"Proof of the impairment of emotional health or impairment of mental or emotional condition as a result of the failure of the respondent to exercise a minimum degree of care toward a minor may include competent opinion or expert testimony, and may include proof that such impairment lessened during a period when the minor was in the care, custody or supervision of a person or agency other than the respondent." Ill. Rev. Stat. 1985, ch. 37, par. 704-6(4)(f).
Although we subscribe to the "better practice" of a bifurcated hearing as noted in In re Dalton and In re Prough (Dalton, 98 Ill. App. 3d at 906; Prough, 61 Ill. App. 3d at 231), we conclude respondent was not prejudiced by the combined hearing conducted here.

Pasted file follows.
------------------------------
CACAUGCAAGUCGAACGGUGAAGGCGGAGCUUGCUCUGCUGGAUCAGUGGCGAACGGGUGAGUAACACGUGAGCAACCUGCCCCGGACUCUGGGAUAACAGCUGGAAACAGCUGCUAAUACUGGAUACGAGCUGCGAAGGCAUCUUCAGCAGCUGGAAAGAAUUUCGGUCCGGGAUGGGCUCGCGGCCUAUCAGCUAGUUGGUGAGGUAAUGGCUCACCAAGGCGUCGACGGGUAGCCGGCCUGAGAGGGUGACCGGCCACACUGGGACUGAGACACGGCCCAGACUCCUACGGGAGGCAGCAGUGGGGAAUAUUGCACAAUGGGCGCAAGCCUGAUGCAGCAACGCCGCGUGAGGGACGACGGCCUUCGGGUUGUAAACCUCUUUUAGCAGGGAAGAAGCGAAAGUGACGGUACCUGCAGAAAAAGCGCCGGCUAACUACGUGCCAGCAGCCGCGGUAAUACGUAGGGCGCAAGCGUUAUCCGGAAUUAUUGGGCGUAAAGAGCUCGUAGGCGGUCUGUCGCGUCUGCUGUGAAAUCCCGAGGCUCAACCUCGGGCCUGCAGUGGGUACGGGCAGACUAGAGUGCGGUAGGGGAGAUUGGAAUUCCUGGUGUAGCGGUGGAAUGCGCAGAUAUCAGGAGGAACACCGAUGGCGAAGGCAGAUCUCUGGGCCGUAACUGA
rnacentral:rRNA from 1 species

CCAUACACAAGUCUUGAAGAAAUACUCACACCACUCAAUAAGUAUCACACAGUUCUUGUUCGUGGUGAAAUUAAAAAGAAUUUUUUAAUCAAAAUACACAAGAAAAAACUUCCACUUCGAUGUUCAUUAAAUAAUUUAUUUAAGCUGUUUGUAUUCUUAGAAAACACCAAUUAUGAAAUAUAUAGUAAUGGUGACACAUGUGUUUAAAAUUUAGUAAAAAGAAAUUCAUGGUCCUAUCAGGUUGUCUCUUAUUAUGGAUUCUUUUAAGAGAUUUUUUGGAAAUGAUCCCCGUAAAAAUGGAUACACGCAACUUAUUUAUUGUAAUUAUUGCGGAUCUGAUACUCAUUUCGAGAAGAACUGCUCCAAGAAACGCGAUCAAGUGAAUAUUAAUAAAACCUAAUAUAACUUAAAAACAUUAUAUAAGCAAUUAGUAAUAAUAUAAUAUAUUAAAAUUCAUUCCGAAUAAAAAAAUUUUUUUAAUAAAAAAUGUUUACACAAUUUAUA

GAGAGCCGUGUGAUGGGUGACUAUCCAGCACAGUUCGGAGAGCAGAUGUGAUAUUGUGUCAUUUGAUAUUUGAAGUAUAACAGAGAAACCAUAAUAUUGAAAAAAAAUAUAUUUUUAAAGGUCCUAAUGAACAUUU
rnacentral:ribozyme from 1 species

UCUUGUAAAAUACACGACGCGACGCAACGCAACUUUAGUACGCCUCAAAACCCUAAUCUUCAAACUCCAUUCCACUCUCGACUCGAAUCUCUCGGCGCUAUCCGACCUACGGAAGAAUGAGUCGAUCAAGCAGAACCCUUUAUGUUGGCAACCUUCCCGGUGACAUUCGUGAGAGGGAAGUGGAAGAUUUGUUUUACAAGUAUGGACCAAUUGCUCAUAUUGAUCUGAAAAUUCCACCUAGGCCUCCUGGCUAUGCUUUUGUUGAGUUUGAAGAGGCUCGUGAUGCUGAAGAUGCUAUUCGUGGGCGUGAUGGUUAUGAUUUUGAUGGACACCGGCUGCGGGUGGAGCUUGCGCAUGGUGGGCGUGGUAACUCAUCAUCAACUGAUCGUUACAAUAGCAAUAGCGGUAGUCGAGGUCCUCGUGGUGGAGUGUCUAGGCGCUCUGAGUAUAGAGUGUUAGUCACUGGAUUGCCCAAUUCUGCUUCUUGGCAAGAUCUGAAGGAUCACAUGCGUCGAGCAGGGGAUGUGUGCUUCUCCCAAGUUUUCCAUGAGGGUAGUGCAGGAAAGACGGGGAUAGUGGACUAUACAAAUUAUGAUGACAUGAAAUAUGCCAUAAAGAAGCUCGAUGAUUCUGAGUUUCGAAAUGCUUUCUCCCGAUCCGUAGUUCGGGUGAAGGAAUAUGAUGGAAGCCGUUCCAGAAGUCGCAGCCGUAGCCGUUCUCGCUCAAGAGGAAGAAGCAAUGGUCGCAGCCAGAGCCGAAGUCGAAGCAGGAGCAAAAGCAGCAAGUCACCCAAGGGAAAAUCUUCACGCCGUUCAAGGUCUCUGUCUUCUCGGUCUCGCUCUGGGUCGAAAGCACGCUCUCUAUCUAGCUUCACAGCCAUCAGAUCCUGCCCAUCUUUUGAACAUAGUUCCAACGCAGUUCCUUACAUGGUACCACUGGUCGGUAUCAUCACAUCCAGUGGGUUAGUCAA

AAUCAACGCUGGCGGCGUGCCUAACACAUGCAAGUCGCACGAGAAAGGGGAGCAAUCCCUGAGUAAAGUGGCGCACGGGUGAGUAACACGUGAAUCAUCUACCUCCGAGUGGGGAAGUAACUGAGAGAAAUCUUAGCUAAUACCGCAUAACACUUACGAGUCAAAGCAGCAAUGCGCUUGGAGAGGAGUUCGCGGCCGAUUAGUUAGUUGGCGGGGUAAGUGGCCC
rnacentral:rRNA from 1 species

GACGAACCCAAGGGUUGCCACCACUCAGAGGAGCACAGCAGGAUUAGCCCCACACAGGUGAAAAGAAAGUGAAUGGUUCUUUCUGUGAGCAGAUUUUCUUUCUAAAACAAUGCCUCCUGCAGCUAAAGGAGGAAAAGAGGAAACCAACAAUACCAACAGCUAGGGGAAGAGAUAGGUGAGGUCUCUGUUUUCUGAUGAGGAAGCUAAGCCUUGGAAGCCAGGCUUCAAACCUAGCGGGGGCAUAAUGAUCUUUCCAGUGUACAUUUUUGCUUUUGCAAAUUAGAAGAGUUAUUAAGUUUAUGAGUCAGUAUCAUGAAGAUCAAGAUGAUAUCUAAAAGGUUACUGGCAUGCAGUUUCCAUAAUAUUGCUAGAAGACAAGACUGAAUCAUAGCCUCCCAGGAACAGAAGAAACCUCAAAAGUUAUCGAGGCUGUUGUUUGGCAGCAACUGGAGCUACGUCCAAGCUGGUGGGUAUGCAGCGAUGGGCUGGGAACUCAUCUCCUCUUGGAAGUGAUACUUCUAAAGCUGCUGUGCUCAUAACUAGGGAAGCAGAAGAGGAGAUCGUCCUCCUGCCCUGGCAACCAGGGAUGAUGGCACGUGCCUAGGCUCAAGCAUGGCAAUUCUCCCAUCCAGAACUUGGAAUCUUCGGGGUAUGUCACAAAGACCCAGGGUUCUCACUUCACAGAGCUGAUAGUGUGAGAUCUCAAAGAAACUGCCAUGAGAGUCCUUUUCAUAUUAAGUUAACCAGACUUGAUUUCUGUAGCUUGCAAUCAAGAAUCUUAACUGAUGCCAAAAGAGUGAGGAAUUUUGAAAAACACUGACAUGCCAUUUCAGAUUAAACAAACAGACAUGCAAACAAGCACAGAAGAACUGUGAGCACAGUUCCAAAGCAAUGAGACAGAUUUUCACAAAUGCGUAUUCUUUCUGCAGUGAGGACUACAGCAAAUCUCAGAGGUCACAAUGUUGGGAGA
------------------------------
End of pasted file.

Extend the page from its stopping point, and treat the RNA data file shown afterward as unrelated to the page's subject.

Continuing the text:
We find no merit in respondent's next contention that the court erred in not allowing her to be present during the testimony of R.G. and B.D. because it violated her right to be present as provided in section 1-20 of the Act (Ill. Rev. Stat. 1985, ch. 37, par. 701-20 (1)). She argues that had she been present during the children's testimony, she could have assisted counsel in providing some defense to the allegations presented, particularly where she has contended that counsel was ill-prepared for the hearing. She distinguishes In re Brooks (1978), 63 Ill. App. 3d 328, on the basis it did not involve a termination of parental rights, which, she argues, "is as drastic and permanent an action as can be taken" (Blakey v. Blakey (1979), 72 Ill. App. 3d 946) and requires strict compliance with the applicable statutes. In re Moriarity (1973), 14 Ill. App. 3d 553.